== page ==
Hunting down female executive rooms in Shanghai
Special ‘lady traveler’ rooms (aka female executive rooms) have been an increasingly common option in Asia. And while this trend has met a slow response on mainland China, Shanghai appeared to be one city embracing it.
We wanted to see if that was true. Do hotels here truly care about female travelers?
Sadly, with one notable Pudong exception and its runner up, we have to declare a resounding “no!”
Our search for lairs of sisterhood that are female executive rooms and floors quickly became a frustrating goose chase, leaving us with nothing but a bunch of disappointing fakes.
With seven distinct Shanghai hotel properties offering clearly marked ‘female executive room’ listings on their own websites and/or travel sites (including Ctrip profiles) I was astounded when only two delivered on their marketing promise.
After an exhausting round of phone calls (see an example below), not even a weak copycat could be found among them. Chat in point (conversation attempted in both English and Chinese):
Me: Yes, I’d like to inquire about your female executive rooms?
Reservations: I’m sorry?
Me: Your rooms specifically for female travelers? Do you have them?
Reservations: [laughing] Of course women are allowed at this hotel.
Me: That’s not what I asked. I’m a female traveler coming to your hotel and want to book one of your special ‘women’s rooms.’
Reservations: We don’t have such rooms.
Me: But you have a listing on several websites for special female executive rooms.
Reservations: We have special smoking rooms.
Me: I’m not interested in those rooms. I’ll be traveling alone and want to stay in a room that’s safe.
Reservations: Why would you worry about that? Aren’t you coming with your husband?
Rinse and repeat with several similarly painful conversations thereafter, adding a tone of impatience here, an annoyed tongue click there and the infamous flow of “mei you.”
If at first you don’t succeed …
Most would have given up at this point, but still beaming with optimism, I armed myself with notepad and camera and arranged a few drop-ins. My ruse was clearly no match for these data dodgers.
One PR office had me waiting so long I basically gave up and left, and the second, after correcting me on their non-listing, showed me several standard rooms that I’d already viewed off the website.
Do hotels truly care about female travelers? Sadly, with one notable Pudong exception and its runner up, prepare for the resounding “no!”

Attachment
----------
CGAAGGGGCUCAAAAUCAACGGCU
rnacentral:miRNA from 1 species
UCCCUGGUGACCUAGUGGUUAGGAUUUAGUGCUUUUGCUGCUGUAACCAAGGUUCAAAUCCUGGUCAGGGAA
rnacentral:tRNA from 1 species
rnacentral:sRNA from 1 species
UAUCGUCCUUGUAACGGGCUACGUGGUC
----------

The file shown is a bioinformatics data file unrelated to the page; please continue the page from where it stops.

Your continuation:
When I asked yet again about special women's features, I was given the ‘Barker Beauty Price Is Right fingers,' again, to the same tired and standard room, as if the gentle sway of a well-manicured hand would magically transform the room before me. Nope, didn’t work. Come on guys, at least throw on a cheesy, pink bedspread or put out some flowers. Make some sort of effort if you’re going to market this.
There is hope
Just at the point where I was ready to throw in my lightly-perfumed towelette, I had found the mother lode -- The St Regis Shanghai. This gorgeous Pudong property puts imposters to shame, rightfully laying claim to the city’s one and only ‘ladies-only’ floors.
“After doing extensive research in 2003 on the needs of female business travelers, The St Regis Shanghai designated three Ladies’ Floors to provide a safe, private and reliable home for female travelers,” explains Joan Pan, director of marketing communications at the St Regis Shanghai.
Going beyond decor with round-the-clock security, ultra-luxurious girlie goodies and a bespoke female butler service, their highly-trained-to-anticipate staff has served a steady and loyal flow of patrons since 2003.
And notable runner up in the city’s north, Four Points by Sheraton Shanghai Daning offers female guests a Cherry Floor stay (although they might want to rethink the name) featuring special flower and fruit arrangements, complimentary mini massage and spa discount, plus other girlie touches including a yummy turn down apple pie snack.
Now that’s worth a crumb on your pillow or two.
And as for that ‘liar list’, we’ll spare them the shame with anonymity, but they know who they are. Whether they even care is another matter.
So my hope has been officially restored, however while ladies do have a few choices when deciding on female executive rooms, I’m afraid this is not going to be a take-off trend in Shanghai any time soon.